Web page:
MACDONALD: Aye, Clan Fraser, perhaps.
But the MacDonalds will get the job done.
Aye, and the Camerons.
With all due respect, why fight at all? I implore you, Your Royal Highness, walk the camp.
See for yourself the poor state of your army.
The men are too exhausted to fight a major battle.
I refuse to listen to any more of this coward's talk! Enough.
There is still the matter of the French gold.
A large shipment, you may recall, supposedly sailed from the continent.
With such funds, we can secure food and weapons.
While we wait for its arrival, we split the army into smaller units, making it more difficult for the British to follow.
Then, when our men are well rested and have the supplies they need, we choose the better ground to fight upon and defeat our enemy once and for all.
(TENSE MUSIC) James you are my most loyal companion and friend.
But I am not some frightened hare to be run down by a pack of British hounds.
I am a man.
And I am a soldier.
And I shall comport myself as one.
I'm weary of retreat.
The men will rest, and then we shall march to Culloden.
Gentlemen, God will provide for us.
We do His bidding.
May He have mercy on us all.
(INDISTINCT CHATTER) ALEX: (COUGHING) I've dissolved some more arsenic in this tea.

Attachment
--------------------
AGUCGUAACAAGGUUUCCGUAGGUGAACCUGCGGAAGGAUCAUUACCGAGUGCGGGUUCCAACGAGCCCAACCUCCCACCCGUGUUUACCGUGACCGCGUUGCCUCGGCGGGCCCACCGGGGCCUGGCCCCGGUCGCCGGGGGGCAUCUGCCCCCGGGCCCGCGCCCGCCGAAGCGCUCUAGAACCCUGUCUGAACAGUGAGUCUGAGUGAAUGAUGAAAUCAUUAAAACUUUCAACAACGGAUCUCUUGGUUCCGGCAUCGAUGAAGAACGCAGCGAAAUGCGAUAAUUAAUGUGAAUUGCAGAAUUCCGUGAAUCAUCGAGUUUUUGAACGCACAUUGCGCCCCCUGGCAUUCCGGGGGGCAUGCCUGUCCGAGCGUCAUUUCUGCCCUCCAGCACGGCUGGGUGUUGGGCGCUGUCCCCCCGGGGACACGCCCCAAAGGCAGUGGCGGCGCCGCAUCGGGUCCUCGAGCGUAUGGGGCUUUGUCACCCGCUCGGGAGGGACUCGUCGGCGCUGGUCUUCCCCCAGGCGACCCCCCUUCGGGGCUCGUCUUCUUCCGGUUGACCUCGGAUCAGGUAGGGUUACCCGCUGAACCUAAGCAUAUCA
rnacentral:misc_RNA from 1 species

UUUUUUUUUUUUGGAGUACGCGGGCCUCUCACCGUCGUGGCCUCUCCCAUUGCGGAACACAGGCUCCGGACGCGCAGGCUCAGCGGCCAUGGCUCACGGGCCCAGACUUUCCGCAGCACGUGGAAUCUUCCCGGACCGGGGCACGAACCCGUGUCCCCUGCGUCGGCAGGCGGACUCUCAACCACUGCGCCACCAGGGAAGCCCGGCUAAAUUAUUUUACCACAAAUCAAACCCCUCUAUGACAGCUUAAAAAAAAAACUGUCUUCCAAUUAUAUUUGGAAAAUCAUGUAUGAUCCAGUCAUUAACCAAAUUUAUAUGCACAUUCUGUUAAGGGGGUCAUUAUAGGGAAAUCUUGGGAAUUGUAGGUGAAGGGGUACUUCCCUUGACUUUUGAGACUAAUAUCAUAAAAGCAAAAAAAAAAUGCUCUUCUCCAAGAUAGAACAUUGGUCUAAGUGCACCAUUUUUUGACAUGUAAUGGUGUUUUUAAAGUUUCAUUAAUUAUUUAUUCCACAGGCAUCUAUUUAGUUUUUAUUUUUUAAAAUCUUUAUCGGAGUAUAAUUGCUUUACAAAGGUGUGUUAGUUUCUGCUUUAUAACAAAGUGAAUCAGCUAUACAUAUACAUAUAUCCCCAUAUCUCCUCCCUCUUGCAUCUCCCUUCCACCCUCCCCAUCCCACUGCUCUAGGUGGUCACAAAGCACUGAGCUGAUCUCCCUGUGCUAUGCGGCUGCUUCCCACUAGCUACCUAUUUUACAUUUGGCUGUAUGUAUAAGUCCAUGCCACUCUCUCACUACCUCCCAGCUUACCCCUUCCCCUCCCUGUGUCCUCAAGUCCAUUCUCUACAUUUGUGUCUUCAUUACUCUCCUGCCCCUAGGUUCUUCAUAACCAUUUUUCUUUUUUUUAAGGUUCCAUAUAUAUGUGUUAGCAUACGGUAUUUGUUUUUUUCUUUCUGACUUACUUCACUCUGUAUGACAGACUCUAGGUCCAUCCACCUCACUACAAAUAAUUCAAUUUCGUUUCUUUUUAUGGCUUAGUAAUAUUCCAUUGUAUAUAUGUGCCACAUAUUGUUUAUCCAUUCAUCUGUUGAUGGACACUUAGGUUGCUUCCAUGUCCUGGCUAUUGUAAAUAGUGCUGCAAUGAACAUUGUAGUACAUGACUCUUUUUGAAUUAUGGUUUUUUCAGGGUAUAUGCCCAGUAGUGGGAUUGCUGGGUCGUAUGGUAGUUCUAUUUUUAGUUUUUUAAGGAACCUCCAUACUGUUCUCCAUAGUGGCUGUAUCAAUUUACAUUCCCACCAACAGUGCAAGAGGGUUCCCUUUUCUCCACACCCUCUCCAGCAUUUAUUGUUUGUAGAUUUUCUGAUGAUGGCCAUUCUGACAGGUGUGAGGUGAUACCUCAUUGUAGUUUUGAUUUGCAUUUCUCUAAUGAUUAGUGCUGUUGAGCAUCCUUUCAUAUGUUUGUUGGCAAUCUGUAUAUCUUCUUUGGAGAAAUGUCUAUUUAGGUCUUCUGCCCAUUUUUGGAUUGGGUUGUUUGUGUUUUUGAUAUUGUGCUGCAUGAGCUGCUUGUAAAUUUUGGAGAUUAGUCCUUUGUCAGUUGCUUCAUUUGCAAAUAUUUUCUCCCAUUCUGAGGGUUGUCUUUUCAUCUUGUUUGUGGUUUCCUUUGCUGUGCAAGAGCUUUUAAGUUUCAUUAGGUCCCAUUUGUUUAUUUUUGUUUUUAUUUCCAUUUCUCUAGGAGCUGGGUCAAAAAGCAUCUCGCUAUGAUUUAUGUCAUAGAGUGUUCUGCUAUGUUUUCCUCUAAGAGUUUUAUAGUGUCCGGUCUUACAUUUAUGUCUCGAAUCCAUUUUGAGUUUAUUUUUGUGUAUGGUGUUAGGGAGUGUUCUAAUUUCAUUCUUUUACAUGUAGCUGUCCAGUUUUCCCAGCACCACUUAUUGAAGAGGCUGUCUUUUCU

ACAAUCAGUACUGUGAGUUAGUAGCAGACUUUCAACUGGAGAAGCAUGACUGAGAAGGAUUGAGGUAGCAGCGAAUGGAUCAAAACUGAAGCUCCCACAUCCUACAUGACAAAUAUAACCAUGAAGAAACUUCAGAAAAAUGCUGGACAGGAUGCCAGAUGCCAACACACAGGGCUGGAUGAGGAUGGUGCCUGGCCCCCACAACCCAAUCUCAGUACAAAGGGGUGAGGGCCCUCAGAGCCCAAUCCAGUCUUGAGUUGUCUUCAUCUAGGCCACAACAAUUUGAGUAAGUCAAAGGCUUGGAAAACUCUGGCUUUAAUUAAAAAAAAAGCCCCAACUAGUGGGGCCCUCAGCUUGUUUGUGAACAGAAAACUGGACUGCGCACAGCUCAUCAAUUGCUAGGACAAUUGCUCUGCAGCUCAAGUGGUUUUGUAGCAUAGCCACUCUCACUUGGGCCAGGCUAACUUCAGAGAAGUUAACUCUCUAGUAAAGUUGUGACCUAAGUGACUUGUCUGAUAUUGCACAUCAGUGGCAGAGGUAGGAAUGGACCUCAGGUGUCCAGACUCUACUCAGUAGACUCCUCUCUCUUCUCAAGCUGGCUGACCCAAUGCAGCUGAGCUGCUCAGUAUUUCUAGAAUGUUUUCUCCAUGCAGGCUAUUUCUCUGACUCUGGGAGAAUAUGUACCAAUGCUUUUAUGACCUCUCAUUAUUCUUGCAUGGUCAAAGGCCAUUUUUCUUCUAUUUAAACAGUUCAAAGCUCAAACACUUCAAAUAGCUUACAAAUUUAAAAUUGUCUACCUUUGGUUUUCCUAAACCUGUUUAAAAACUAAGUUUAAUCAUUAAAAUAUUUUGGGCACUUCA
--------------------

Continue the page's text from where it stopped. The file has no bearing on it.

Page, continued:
Mary, arsenic will bring color to his cheeks, but it won't help his cough.
How good it is to see you.
And you, Alex.
Save your breath.
She's right.
I'll prepare a poultice to ease the muscles on your chest and back.
You remember Madame Fraser.
(TENSE MUSIC) ALEX: You said nothing about another visit in your last letter.
And where is your uniform? I was granted leave to see you.
I didn't want to attract attention.
So good to see you, Johnny.
- (SIGHS) - (GASPS) You're not leaving, are you? I don't know what would have become of us without John.
What do you mean? Alex has been unable to work for weeks.
We would be completely destitute if it wasn't for John paying our bills.
When do you think he'll be able to get back to work again? Mary I think you need to start making reparations with your family so you have somewhere to go when Alex When Alex what? He won't be going back to work.
He can't be cured.
I'm sorry.
Bu but he must be cured.
Oh, God, Mary, are you pregnant? Does Alex know? Yes.
- And John.
- ALEX: (WEAKLY) Mary.
Alex is asking for you.
ALEX: (COUGHING) Madame Fraser.
Do not take your animus for me out on my brother.
Alex has not drawn an easy breath in weeks.
His youth and vigor are drowning in blood and phlegm.
Cure him.
As I've explained to Mary, I cannot help him.
What are you saying? Alex can't be cured.